Saturday, June 10, 2017

This week in birds - #260

A roundup of the week's news of birds and the environment:




King Rail photographed at Anahuac National Wildlife Refuge.

*~*~*~*

A coalition of influential officials in Arizona and Utah is urging the current administration in Washington to roll back Obama-era environmental protections that ban new uranium mining near the Grand Canyon. The Grand Canyon, like all public lands, is in danger from an administration that does not value them. 

*~*~*~*

We know that members of the corvid family are very smart birds and now researchers from Sweden and Austria have determined that ravens are able to remember people who have tricked them for as long as two months after the incident.

*~*~*~*

Whitebark pines are a coniferous tree of the high country. They are going extinct because of a combination of factors; however, the U.S. Fish and Wildlife Service has not listed the species for protection under the Endangered Species Act, not because they don't recognize that the tree is endangered but because of lack of funds.

*~*~*~*

Beavers are fairly common in the boreal forests of the United States and Canada, but as trees are moving north in response to climate change, beavers are moving with them. They can now be found on the tundra of Alaska.

*~*~*~*

Climate change progress at the EPA is grinding to a halt as any mention of climate change has been deemphasized and halted and the agency tears up key planks of the emission-lowering agenda.

*~*~*~*

A new research model evaluates whether an extinct bird species could have flown based on their skeletal proportions - the length of wings and legs.

*~*~*~*

The serviceberry is a tree that is native to North America. It produces heavy crops of berries that typically ripen in June; thus, another common name for it is Juneberry. Birds love these berries! Cedar Waxwings, Baltimore Orioles, and Gray Catbirds, among others, flock to the trees to partake of this spring feast.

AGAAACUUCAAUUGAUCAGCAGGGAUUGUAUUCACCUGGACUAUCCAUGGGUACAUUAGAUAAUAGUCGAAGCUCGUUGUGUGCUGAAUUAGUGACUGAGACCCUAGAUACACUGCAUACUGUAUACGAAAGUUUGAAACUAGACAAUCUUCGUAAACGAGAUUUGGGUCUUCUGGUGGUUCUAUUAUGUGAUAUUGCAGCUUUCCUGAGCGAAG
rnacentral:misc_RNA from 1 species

*~*~*~*

The elephant family tree has been shaken up by new genetic evidence from an extinct species of elephant that gives additional proof that the forest elephant and the savannah elephant of today's Africa are indeed two separate species.

*~*~*~*

A new study from The Condor: Ornithological Applications takes a fresh look at radar studies of seabirds on the island of Kauai and concludes that two endangered birds, the Hawaiian Petrel and Newell's Shearwater, have suffered steep declines in the last two decades. There has been a 78% drop in radar detections for the Hawaiian Petrel and a disastrous 94% drop in radar detections of the Newell's Shearwater.

*~*~*~*

Scientists are warning that U.S. coral reefs are on course to disappear within a matter of decades. Even strict conservation measures that have been imposed by Hawaii have not been able to spare reefs there from the effects of a warming ocean.

*~*~*~*

The Ridgway's Rail is another endangered bird that is getting some innovative help from concerned humans to try to keep its head above water - literally. In this case, it is artificial islands that are being constructed in San Francisco Bay, one of the few places where the bird is still thriving. The human-made islands are places where the birds can safely build their nests and rear young.

*~*~*~*

The "Backyard and Beyond" blog shows us that the Pale Beauty moth is indeed well-named. 

*~*~*~*

Kestrels are able to vary their hunting techniques to take advantage of weather conditions. They are able to adjust their flight patterns to use differences in wind speed or thermal updrafts to most efficiently hunt their prey. 

*~*~*~*

Bare trunks of dead coastal forests are being discovered up and down the mid-Atlantic coastline, killed by the advance of rising seas. The “ghost forests,” as scientists call them, offer eerie evidence of some of the world’s fastest rates of sea level rise. Forests provide habitat and protect against global warming, but they’re declining worldwide because of land clearing, fires, disease and invasive species. The ghost forests show sea level rise can be yet another cause of deforestation.

*~*~*~*

The relationship between Emperor Penguins and sea ice is a fragile one: Too little sea ice reduces the availability of breeding sites and prey; too much sea ice means longer hunting trips for adults, which in turn means lower feeding rates for chicks. Only in the past few years have scientists become aware of the penguins' ability to migrate to locations with potentially more optimal sea ice conditions. It is unlikely, though, that they will ultimately be able to move locations enough or fast enough to cope with climate change.



4 comments:

  1. Lots of news about trees this week, the literal kind as well as genealogical ones.

    ReplyDelete
  2. I am with those ravens who remember people who have tricked them.

    ReplyDelete
    Replies
    1. I suspect many of us have long memories for those who have done us wrong. In this the ravens are very human-like.

      Delete